Saturday, May 17, 2014

Pushing Back the Darkness

An island woman carrying a basin of small fish (mukene) netted from Lake Victoria.

I spent two full days this week attending a gender-based violence prevention and response training, expertly taught by a well-seasoned American counselor and therapist, who is now serving in East Africa.

I have to admit I finished the training feeling overwhelmed - overwhelmed by the gravity and prevalence of violence. Overwhelmed by my very apparent lack of knowledge and experience on this topic. Overwhelmed by the numerous and disturbing stories that I know play out every day around me, whether I see them or not.

One in three women and one in seven men worldwide have experienced childhood sexual abuse.

Two-thirds of Ugandan women have suffered from physical or sexual abuse at the hands of their husband or intimate partner.

Forty percent of Ugandan women believe "wife battering" is acceptable, compared to 36% of Ugandan men.

The above statistics and other harrowing numbers and stories told throughout the two days nearly took my breath away over and over. How? Why?

Some violence, such as in Uganda, is very culturally-tied. For generations, women have been de-valued - by men and by other women. But truly abuse and violence are present in every place around the world, it is just that they take slightly different forms.

Two cuties who live on the islands.

The violations of basic human rights and the devaluing of a person's God-given value and image occurs everywhere - in Uganda, in the U.S., in every country and on every continent.

Throughout the training I couldn't help but feel helpless knowing so many people are suffering and hurting, and many suffer in silence, hidden away.

Yet, when evil is present, light, goodness and righteousness must, must rise up. I so much appreciated the trainer's emphasis on seeking justice - advocating and representing the oppressed, giving a voice to the despised and down-trodden, despite opposition and criticism. We must resolutely move against the status quo.

Isaiah 1:17 was spotlighted:

"Learn to do right!
Seek justice,
Encourage the oppressed.
Defend the cause of the fatherless,
Plead the case of the widow."

In this passage God is speaking to His people. He is directing us to act - not just to pray and ask Him to act.

I must act here in Uganda. You must act wherever God has placed you.The needs here are immense - as in every place around the world.

I am sure you have noticed, but our world is becoming increasingly darker and more evil. So, what is our responsibility as light-bearers? To snuff out or hide our Christ-given light?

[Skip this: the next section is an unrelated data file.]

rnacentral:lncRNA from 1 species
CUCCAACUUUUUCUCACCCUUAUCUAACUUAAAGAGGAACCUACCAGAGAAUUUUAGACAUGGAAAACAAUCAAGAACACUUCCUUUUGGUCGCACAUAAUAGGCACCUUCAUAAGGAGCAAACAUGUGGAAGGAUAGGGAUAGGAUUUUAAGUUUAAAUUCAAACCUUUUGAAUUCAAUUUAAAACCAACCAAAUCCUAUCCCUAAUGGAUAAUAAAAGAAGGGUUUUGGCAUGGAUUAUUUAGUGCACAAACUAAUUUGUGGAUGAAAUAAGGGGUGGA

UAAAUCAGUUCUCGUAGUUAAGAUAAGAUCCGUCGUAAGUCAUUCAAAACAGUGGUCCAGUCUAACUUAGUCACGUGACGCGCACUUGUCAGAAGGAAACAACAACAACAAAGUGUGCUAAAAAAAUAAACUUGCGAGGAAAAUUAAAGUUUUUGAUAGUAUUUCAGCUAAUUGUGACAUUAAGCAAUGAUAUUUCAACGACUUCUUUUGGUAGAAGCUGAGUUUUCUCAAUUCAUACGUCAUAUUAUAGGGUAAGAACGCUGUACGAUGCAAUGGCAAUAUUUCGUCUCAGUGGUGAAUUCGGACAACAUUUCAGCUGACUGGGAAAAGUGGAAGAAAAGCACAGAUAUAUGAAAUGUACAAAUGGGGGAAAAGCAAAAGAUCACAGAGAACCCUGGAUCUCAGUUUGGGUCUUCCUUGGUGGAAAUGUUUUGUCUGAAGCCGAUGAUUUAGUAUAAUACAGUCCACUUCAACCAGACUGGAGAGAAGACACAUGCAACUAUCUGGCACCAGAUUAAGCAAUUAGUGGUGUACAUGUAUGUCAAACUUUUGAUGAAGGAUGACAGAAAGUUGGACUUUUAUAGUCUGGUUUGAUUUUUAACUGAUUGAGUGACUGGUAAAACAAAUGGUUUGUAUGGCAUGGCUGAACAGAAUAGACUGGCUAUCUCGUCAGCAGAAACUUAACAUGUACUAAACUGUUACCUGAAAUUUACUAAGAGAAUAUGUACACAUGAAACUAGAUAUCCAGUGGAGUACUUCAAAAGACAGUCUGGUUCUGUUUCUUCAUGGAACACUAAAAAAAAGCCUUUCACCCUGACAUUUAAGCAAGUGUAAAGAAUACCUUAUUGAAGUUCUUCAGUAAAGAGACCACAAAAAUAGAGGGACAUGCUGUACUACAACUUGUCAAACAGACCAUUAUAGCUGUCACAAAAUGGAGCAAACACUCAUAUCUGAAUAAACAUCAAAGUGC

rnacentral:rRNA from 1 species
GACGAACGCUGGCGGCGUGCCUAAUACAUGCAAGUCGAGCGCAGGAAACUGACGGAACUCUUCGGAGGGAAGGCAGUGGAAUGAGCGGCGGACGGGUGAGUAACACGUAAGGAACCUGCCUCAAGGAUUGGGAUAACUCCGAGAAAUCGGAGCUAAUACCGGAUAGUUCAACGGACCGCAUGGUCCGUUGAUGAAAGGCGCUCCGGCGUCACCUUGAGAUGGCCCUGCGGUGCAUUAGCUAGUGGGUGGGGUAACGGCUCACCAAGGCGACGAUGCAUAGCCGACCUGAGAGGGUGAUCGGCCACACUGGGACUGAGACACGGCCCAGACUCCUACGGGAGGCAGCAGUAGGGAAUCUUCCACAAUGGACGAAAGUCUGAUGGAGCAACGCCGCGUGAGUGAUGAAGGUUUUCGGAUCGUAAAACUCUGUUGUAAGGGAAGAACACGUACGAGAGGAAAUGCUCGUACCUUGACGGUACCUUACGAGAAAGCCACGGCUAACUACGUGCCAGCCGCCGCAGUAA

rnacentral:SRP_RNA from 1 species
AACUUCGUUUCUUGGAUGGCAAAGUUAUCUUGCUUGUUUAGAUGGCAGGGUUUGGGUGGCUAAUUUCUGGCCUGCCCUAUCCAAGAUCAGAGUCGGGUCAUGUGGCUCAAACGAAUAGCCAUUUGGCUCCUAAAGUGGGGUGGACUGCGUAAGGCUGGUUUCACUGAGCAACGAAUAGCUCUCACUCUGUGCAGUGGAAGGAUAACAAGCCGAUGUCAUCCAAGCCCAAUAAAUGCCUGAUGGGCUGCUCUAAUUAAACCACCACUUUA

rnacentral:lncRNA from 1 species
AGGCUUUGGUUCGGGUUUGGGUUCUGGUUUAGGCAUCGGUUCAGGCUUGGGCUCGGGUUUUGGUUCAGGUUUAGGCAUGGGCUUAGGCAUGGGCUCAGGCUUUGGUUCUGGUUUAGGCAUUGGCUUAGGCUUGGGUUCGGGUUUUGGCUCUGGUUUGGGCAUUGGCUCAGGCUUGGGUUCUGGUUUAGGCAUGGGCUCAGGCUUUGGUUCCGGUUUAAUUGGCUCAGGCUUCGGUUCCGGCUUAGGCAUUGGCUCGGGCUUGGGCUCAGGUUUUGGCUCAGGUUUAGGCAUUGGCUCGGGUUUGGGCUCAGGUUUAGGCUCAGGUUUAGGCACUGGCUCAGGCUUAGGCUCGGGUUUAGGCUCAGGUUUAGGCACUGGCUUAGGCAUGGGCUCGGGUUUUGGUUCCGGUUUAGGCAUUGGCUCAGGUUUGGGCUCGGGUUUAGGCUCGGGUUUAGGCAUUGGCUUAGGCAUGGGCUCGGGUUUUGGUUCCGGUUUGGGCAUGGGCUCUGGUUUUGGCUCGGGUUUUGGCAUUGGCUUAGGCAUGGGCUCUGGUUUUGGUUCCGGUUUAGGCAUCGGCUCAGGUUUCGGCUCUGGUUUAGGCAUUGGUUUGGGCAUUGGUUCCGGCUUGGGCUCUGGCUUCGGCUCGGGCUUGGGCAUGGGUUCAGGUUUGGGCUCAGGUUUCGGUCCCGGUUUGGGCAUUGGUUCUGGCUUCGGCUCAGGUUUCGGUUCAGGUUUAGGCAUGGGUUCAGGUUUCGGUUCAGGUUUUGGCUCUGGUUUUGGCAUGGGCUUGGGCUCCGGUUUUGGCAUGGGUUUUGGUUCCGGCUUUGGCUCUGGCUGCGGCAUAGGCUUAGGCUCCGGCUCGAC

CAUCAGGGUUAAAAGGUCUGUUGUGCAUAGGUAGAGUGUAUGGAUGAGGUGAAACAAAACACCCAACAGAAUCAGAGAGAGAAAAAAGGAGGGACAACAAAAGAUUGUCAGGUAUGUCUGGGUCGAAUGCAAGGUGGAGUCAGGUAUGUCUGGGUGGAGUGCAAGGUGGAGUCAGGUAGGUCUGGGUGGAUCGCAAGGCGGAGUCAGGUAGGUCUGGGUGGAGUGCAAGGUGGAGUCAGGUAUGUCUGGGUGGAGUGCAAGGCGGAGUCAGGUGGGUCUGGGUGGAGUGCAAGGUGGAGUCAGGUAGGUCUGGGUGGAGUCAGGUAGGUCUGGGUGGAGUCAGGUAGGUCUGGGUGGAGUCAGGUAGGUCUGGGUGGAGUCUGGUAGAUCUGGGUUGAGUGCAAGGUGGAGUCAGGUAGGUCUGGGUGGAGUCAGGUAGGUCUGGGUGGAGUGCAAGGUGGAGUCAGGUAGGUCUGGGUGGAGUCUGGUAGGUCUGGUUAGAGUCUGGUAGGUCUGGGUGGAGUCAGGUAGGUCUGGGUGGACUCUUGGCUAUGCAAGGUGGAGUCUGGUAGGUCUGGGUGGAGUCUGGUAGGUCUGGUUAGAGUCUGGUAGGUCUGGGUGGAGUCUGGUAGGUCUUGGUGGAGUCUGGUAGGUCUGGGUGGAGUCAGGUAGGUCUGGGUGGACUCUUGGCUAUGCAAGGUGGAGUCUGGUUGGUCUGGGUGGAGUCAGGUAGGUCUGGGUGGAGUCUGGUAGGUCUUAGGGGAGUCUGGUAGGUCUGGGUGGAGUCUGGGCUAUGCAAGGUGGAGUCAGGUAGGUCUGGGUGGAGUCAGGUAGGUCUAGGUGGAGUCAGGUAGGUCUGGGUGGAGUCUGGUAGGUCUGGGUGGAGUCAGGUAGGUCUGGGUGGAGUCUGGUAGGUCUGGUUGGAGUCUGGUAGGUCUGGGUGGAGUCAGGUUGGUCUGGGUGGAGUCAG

No, but to cause them to grow stronger, brighter and to take them where the darkness is most intense, powerful, and pervasive. How? By following and living verses like Isaiah 1:7.

Light must push back the darkness.

Friday, May 16, 2014

"10 Reasons You Should be a Missionary"

This evening I came across this great post on one of my favorite missions-related blogs, "A Life Overseas: The Missions Conversation."

These statements are especially funny if you or someone you know has spent some time on the mission field. Truly, we tend to turn into a crazy bunch.

If the above "10" don't make much sense, read the post. And, if you need further clarification, leave me a comment. :)

Monday, May 12, 2014


I used to think life was about reaching this milestone or accomplishing that particular goal.

But I have become increasingly convinced that life is less about where I am going or what I am doing, and much, much more about WHO I am with on this journey.

I believe Jesus talked considerably more about being with Him (John 15-17) and Him being with us, than the specific things for us to accomplish before He takes us out of here.

I am not saying that we shouldn't be active, faithful, proactive stewards for our God, but let us not forget...

Who has called us...

Who chose us...

Who died to redeem us...

Who has justified us...

Who is sanctifying us...

Who promises us rest, peace, joy...

Let us not lose sight of Him. (Hebrews 12:2)

This journey is not a destination, it is about a Person - Jesus Christ.

Tuesday, May 6, 2014

Because of Them, Part 1

My beautiful family - Christmas 2012, in one of our last family photos. From top left, clockwise, me, my sister Leah, my dad Fred, and my mom Bonnie.

Inevitably the question is asked, "What do your parents feel about you being in Uganda?"